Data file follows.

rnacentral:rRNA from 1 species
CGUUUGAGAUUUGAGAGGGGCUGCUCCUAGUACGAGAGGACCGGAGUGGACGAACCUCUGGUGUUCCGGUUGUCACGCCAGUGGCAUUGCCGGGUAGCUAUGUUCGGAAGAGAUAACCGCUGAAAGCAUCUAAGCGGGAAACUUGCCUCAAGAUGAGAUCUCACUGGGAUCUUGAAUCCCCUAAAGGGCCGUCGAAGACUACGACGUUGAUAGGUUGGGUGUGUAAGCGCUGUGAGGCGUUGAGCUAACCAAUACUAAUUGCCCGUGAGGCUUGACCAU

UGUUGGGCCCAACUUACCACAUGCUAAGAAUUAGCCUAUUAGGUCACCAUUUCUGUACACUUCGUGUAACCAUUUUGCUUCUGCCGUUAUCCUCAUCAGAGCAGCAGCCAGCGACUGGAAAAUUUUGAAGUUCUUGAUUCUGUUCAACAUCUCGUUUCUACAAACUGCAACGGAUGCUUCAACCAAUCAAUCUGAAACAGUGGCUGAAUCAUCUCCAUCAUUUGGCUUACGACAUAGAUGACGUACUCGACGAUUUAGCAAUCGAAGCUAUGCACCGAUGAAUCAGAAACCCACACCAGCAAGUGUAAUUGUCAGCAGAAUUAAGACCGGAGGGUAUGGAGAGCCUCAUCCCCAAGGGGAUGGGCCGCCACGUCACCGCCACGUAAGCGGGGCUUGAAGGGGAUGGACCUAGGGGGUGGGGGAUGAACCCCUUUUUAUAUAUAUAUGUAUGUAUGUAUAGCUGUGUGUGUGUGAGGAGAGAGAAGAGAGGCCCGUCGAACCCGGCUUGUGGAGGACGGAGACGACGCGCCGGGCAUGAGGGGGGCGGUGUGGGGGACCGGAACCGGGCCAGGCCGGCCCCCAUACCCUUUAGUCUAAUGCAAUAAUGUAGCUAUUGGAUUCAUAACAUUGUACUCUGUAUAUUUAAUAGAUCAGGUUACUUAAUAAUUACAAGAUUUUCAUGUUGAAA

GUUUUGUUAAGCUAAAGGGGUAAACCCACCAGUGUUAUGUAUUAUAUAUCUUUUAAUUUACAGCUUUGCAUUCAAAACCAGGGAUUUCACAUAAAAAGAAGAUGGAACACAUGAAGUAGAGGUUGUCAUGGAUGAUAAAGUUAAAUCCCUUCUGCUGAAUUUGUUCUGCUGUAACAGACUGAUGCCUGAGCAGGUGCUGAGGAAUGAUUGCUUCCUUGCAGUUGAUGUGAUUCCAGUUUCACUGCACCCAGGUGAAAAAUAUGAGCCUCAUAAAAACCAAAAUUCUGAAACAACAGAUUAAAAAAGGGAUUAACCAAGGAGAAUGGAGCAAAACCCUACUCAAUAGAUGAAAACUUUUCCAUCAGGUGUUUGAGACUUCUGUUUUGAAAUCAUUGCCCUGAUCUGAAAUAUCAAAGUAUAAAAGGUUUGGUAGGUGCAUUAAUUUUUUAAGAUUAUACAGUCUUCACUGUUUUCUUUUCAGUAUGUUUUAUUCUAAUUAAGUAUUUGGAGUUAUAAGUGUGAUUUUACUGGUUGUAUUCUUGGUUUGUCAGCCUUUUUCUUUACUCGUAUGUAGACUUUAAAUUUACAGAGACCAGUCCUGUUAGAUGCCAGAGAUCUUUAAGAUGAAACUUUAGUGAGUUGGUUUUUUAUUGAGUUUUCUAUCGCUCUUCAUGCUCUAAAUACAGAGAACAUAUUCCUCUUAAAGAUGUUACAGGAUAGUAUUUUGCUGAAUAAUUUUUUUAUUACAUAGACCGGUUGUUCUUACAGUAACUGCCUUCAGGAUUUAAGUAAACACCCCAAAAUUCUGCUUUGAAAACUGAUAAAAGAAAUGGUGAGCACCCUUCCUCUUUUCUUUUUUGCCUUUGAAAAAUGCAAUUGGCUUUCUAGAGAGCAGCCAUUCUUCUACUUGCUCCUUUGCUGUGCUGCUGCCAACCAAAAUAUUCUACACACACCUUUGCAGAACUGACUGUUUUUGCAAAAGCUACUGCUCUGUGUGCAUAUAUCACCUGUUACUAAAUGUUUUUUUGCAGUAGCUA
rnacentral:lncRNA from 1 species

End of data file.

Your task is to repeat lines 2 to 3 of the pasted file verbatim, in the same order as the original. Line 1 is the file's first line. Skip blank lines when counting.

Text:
CGUUUGAGAUUUGAGAGGGGCUGCUCCUAGUACGAGAGGACCGGAGUGGACGAACCUCUGGUGUUCCGGUUGUCACGCCAGUGGCAUUGCCGGGUAGCUAUGUUCGGAAGAGAUAACCGCUGAAAGCAUCUAAGCGGGAAACUUGCCUCAAGAUGAGAUCUCACUGGGAUCUUGAAUCCCCUAAAGGGCCGUCGAAGACUACGACGUUGAUAGGUUGGGUGUGUAAGCGCUGUGAGGCGUUGAGCUAACCAAUACUAAUUGCCCGUGAGGCUUGACCAU

UGUUGGGCCCAACUUACCACAUGCUAAGAAUUAGCCUAUUAGGUCACCAUUUCUGUACACUUCGUGUAACCAUUUUGCUUCUGCCGUUAUCCUCAUCAGAGCAGCAGCCAGCGACUGGAAAAUUUUGAAGUUCUUGAUUCUGUUCAACAUCUCGUUUCUACAAACUGCAACGGAUGCUUCAACCAAUCAAUCUGAAACAGUGGCUGAAUCAUCUCCAUCAUUUGGCUUACGACAUAGAUGACGUACUCGACGAUUUAGCAAUCGAAGCUAUGCACCGAUGAAUCAGAAACCCACACCAGCAAGUGUAAUUGUCAGCAGAAUUAAGACCGGAGGGUAUGGAGAGCCUCAUCCCCAAGGGGAUGGGCCGCCACGUCACCGCCACGUAAGCGGGGCUUGAAGGGGAUGGACCUAGGGGGUGGGGGAUGAACCCCUUUUUAUAUAUAUAUGUAUGUAUGUAUAGCUGUGUGUGUGUGAGGAGAGAGAAGAGAGGCCCGUCGAACCCGGCUUGUGGAGGACGGAGACGACGCGCCGGGCAUGAGGGGGGCGGUGUGGGGGACCGGAACCGGGCCAGGCCGGCCCCCAUACCCUUUAGUCUAAUGCAAUAAUGUAGCUAUUGGAUUCAUAACAUUGUACUCUGUAUAUUUAAUAGAUCAGGUUACUUAAUAAUUACAAGAUUUUCAUGUUGAAA